Tuesday, January 16, 2018
Opinion

Ruth: The sovereign of all he surveys in his cell

Introducing Bruce Hicks, a solid sovereign citizen of the People's Republic of Stupidstan.

Of course, Mr. Hicks is abroad at the moment, spending his time as a guest of Hillsborough County's elegant accommodations for tourists arriving from the Grand Duchy of Moronovia, otherwise known as a jail.

Hicks' difficulties in having his visa from Delusiontina validated began last week when Hillsborough County Sheriff's Deputy Patrick Diaz, a resource officer at Turkey Creek Middle School in Plant City, spotted the 46-year-old pushing a toy car on a dolly down the road.

Perhaps this is what passes for amusing oneself in Plant City.

But what really captured Diaz's attention was that Hicks had a loaded .32-caliber handgun strapped to his hip. And let's face it, even if your legal residence might be in Upper Dopeland, it is never a good idea to be seen openly carrying a weapon near a school.

Upon further review Deputy Diaz confronted Hicks, who informed the officer that as a legal resident of What, Mr. Worryville, he was therefor a sovereign citizen and thus immune from the federal, state and local laws other residents of the United States must follow.

The education system over there in the sovereign Federation of Court Jesters would seem to be somewhat … wanting.

Hicks was still insisting on his status as a sovereign citizen of a dream world even as the officer was taking him into custody, most notably for being a convicted felon in possession of firearm as well as a possessing a weapon on school property.

As Hicks was being taken into custody, the sovereign citizen of Loopydom informed the officer that because of his unique stature as a denizen of make-believe, the deputy was facing the not-going-to-happen risk of a $250 fine for every 15 minutes he is incarcerated.

So who came up with this fine? Perhaps it was Hicks' imaginary leader of the Commonwealth of Bonkerstan, President Jo-Jo.

Yes, privately, many law enforcement officers will sometimes admit their job is almost too easy. Apparently Deputy Diaz was willing to throw caution to the wind and risk hauling Hicks and his parallel universe passport off to the hoosegow.

Hicks is part of a small but growing movement who believe that the nation's laws don't apply to them and they are free not to pay taxes or obey any other government regulation. It's a movement grounded in a fundamental distrust of government, including rejecting the need for a driver's license, a Social Security card, or even (sigh) the use of a ZIP code. Then again, what's the ZIP code for La-Dee-Dahland anyway?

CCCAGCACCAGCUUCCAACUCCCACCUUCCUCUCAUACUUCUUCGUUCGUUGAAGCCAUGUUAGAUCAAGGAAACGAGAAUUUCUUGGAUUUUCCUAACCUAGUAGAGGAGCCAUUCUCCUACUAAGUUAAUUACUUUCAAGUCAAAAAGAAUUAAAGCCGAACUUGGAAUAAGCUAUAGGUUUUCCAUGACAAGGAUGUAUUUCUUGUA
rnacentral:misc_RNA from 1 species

The government has taken the position that since posse non compos mentis types don't recognize stuff like the law or the obligation to pay taxes, it is free to put these folks in jail. It does have a certain symmetry to it.

Hicks now has something of a conflict on his hands. As a loyal sovereign citizen of Nowhere Land, clearly Hicks does not recognize government nor the currency issued under its authority. So it might be a bit of a problem for the sovereign citizen of Dipsovania to come up with his bond, which is set at $9,500. And it's unlikely the sheriff would be willing to accept the sovereign citizen tender of a choice — six tons of aluminum can pull tabs.

Ironically, or maybe hypocritically, sovereigns like Hicks have no issue with relying on the very government they refuse to acknowledge when it suits their absurd purposes.

Over the years, Hicks unsuccessfully has sued a variety of public office holders, including his current landlord, Hillsborough Sheriff David Gee, as well as State Attorney Mark Ober, Clerk of Court Pat Frank and Public Defender Julianne Holt.

The suits invariably have been laughed out of court as being as frivolous as the petitioner who filed them.

Considering the litany of sovereign citizens who have wound up in the slammer for failing to pay taxes, laundering money and/or threatening government officials, one might argue the misguided movement has gotten about as much traction as the Flat Earth Society.

Hicks can now begin crafting his political manifesto: "Das Chucklehead," explaining why he is immune from government prosecution. And the government he so despises likely will generously afford him plenty of time to finish it.

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